The first ever gay candidate for general secretary at one of India’s leading universities has called attention to LGBT discrimination on campus, including an incident where he was denied hostel accommodation because he was deemed too “effeminate.”

The Indian Express reports Gourab Ghosh took to the stage during Jawaharlal Nehru University’s (JNU) general body meeting on Tuesday.

He said: “They wanted to know what I would do for the LGBT community of JNU if elected.”

Mr Ghosh told Hindustan Times: “The JNU campus is extremely homophobic and completely silent on the matter of LGBT issues. None of the elected representatives have ever bothered to find out what issues we face.”

He added: “Despite being a progressive campus, the LGBT narrative has not been registered here. The Student Federation of India, however, is openly fielding me as their candidate. But even if I win, I won’t be able to work on this issue unless the JNU teachers’ association is willing to start a dialogue with me.”

Mr Ghosh also told The Indian Express: “There are many people on the campus who are gay. But no one has ever asked them about their problems. I was once thrown out of a hostel where right-wing students were in majority and no one ever questioned that.”

He was reportedly denied accommodation on the pretext that the university did not tolerate the presence of “effeminate” men.

Mr Ghosh, 29, is also the oldest contestant this year, with 30 as the upper age limit for contesting elections. He entered JNU in 2006 when he began his Postgraduate degree at the Centre for English Studies.

He is openly gay and said that “everybody knows this.”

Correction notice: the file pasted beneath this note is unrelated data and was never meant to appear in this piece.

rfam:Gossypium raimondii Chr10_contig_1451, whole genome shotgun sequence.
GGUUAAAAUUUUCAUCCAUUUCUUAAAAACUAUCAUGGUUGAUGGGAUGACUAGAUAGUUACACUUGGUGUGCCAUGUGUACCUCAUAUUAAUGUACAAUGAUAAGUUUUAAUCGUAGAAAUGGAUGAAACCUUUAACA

However, he added that despite the acceptance he has found among friends at the university, lack of education makes LGBT discrimination an issue.

He said: “People keep asking my roommate about what it is like living with someone who is gay. But he brushes it off saying it is a matter of preference.”

Mr Ghosh also teaches an optional course to undergraduate students. “At first, they are amused by my mannerisms, but eventually, they get used to it,” he said.

Mr Ghosh also said he aims to improve basic facilities such as counselling and health care programs.

He added: “One of the foremost issues that need to be addressed is lack of any sexual and reproductive health programme. We have a single mother on the campus here and there are others like her who need this facility. Other than that, I intend to form an LGBT group and form a counselling cell.”

Earlier this month, in a recent letter to LGBT activist groups in India, the Archbishop of Mumbai has said he would advise priests to be more sensitive while referring to gay people in public sermons, affirming “to say those with other sexual orientations are sinners is wrong.”